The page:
making local government more ethical
In an April 2013 blog post, I wrote about the problems surrounding a Florida state senator's request for a state audit of Palm Beach County's EC. That report, drafted by the state legislature's Office of Program Policy Analysis and Government Accountability, has recently been published, and it includes the EC's response to the report (attached; see below).

In this post, I will critique the audit report. I will not go further into the controversies surrounding the request for the audit. For more on these, see articles in Monday's Sun-Sentinel and in yesterday's BizPac Review. In a future post, I will look at how others are portraying the report and what they are saying about the Palm Beach County EC.

Update October 7, 2013 (see below)

On Independence Day weekend, I like to focus on the independence of local government ethics programs. The public naturally trusts any ethics program that has not been selected by the officials under its jurisdiction. An EC that is not dependent on the appointment and budgetary powers of a mayor or local legislative body can function, and be seen to function, fairly and without bias.

Savannah is a city of 140,000 people, certainly large enough to have a decent, independent government ethics program. However, it lacks one. Its ethics board does no training, provides no advice, oversees no disclosures, has jurisdiction only over elected officials, and has no teeth and no webpage. The ethics board's members are selected by the mayor and board of aldermen.

According to an article in yesterday's Savannah Morning News, two of the three ethics board members have tendered their resignations due to the fact that they made illegal contributions to or endorsements of city candidates. They said they were unaware of restrictions on their political activities.

I don't get it. Such a big deal has been made out of the Bell, CA officials paying themselves big bucks. This was considered the big local government ethics story of the last few years. The Los Angeles Times won a Pulitizer Prize for uncovering it.

Yes, what happened in Bell was appalling. But what happened in Luzerne County, PA was far, far worse. And yet, for example, the Markkula Center for Applied Ethics has two blog posts about Bell, and none about Luzerne County.

The reason I raise this issue is that I feel that government ethics puts too much emphasis on money and the misconduct of bad apples. Although money was involved in Luzerne County, in fact a lot more than in Bell, what makes the scandal so horrible is that (1) it led to hundreds of young people being imprisoned in juvenile detention centers who had done nothing and who had been given almost no chance to defend themselves (this is why it's known as the Kids for Cash scandal); and (2) a large number of professionals inside and outside of the court system knew something serious was wrong, and yet only a handful of them tried to do anything to bring notice to what was happening and bring it to a stop.

“It’s much to-do about not much. I’m trying to run a city, and you’re worried about people’s relationships?” These are the words of Mount Vernon, NY mayor Ernest Davis, who is the subject of IRS and FBI investigations, and now an investigation by the city's ethics board, according to an article in Wednesday's Journal News.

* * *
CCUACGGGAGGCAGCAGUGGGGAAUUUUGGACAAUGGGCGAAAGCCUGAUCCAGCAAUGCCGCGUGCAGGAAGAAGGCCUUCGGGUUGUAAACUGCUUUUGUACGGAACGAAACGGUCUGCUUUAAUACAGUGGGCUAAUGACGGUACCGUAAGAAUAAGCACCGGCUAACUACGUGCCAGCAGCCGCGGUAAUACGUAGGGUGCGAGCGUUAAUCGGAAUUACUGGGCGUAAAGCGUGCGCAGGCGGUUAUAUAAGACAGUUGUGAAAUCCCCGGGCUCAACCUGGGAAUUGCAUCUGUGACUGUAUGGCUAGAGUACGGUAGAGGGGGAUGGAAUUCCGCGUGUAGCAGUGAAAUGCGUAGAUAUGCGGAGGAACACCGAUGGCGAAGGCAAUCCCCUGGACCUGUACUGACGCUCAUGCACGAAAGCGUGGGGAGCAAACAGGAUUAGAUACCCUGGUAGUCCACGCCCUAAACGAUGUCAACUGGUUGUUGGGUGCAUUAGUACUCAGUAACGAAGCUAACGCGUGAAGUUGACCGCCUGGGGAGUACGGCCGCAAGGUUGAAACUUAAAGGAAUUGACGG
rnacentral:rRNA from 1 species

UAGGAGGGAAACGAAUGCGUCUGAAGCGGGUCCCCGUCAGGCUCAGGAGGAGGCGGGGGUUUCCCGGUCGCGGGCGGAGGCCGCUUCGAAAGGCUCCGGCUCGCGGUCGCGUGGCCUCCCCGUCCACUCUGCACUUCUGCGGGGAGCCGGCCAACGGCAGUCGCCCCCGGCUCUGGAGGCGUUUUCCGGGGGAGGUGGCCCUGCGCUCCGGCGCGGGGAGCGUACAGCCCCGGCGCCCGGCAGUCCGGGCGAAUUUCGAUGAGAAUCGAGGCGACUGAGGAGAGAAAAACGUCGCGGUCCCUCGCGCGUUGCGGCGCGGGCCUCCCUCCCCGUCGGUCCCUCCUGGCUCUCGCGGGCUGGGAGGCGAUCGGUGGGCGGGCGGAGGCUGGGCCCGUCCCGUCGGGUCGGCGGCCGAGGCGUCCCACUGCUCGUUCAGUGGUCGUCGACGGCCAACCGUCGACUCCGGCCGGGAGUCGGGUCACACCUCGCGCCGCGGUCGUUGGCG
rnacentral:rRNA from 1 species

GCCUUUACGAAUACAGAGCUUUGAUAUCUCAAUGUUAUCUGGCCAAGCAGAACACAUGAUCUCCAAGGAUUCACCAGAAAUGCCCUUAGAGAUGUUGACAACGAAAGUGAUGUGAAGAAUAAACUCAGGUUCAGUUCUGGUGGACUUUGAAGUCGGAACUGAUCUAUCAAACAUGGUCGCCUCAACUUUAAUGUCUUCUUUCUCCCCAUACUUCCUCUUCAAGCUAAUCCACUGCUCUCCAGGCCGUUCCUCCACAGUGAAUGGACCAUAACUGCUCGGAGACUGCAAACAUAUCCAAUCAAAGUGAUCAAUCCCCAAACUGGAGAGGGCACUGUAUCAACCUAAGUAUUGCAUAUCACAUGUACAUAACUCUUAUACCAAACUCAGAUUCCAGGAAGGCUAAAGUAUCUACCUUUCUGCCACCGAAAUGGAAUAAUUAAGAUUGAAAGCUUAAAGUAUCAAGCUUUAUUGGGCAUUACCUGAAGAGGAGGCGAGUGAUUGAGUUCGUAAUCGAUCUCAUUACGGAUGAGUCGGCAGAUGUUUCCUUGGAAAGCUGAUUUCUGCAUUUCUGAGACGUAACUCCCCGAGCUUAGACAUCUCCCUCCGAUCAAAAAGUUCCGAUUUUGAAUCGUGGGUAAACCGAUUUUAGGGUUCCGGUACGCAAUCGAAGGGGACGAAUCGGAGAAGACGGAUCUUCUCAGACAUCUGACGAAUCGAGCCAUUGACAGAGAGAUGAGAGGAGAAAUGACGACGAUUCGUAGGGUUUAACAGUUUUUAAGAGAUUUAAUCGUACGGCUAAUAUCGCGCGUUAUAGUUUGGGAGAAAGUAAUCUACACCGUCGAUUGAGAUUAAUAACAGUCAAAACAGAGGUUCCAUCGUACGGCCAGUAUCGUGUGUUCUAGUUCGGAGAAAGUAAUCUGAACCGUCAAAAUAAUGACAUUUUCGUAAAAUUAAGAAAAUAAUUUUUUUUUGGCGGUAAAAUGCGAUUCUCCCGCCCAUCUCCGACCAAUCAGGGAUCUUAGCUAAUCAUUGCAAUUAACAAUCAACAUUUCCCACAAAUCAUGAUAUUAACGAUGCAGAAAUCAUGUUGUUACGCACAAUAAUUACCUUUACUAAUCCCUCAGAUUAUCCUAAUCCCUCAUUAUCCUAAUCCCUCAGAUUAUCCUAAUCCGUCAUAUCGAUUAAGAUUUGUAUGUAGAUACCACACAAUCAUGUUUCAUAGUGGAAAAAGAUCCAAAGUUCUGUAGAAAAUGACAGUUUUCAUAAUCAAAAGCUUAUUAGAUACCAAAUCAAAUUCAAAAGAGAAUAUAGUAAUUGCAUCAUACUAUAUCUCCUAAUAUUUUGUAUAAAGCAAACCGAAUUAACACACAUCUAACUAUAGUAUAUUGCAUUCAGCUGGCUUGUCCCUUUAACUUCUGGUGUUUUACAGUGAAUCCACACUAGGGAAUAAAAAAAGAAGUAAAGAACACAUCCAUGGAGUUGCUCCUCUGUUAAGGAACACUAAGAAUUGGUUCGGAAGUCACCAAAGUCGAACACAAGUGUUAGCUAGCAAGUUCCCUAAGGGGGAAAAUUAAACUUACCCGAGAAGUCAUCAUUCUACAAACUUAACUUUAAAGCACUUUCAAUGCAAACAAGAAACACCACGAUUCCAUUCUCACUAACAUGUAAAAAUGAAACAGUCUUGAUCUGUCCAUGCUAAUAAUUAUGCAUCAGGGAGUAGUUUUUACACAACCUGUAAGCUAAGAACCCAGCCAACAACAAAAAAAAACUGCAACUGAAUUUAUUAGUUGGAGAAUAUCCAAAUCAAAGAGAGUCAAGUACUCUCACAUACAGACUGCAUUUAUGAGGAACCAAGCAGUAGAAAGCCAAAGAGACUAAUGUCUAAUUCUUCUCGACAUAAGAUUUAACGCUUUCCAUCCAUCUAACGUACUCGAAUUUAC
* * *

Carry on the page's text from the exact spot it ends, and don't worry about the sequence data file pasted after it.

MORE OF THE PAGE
Dealing responsibly with relationships is what government ethics all about. You can't deal responsibly with them unless you acknowledge them, and worry about them a little.

Today, I received a copy of the Dallas City Council agenda addendum for its August 22 meeting. This addendum contains (pp. 11-17) extensive information about a large ($434,495) contract for "the assessment of the City’s current ethics guidelines and the development of an ethics training program." City Ethics was a partner in the losing bid of the Josephson Institute of Ethics.

The report on the bidding on this project shows how empty the field of government ethics is of experienced consultants. As far as I can tell, only two of the bidders had any expertise in government ethics training:  the Josephson Institute (with a character-oriented approach) and the ICMA (with an administrative ethics focus). The other bidders are either management consultants, corporate ethics and compliance trainers, or corporate trainers without an ethics or compliance specialty.

For the second time in a year, a local ethics commission has been the subject of a grand jury report. The first was San Francisco's (see my blog post). There, it was a civil grand jury and the focus was on the commission. Here and now, it is a criminal grand jury, and the focus is on the county executive and other officials, as well as ethics commission members. The county is Suffolk, on Long Island, a suburban county of 1.5 million people.

The Need for an Independently Selected Ethics Commission
The Suffolk grand jury report shows an extreme example of what happens when ethics commission members are selected by high-level officials in a poor ethics environment. This worst case was one of ongoing secret, political interference in ethics commission matters and ongoing political warfare that placed the ethics commission right in the middle between the two front lines.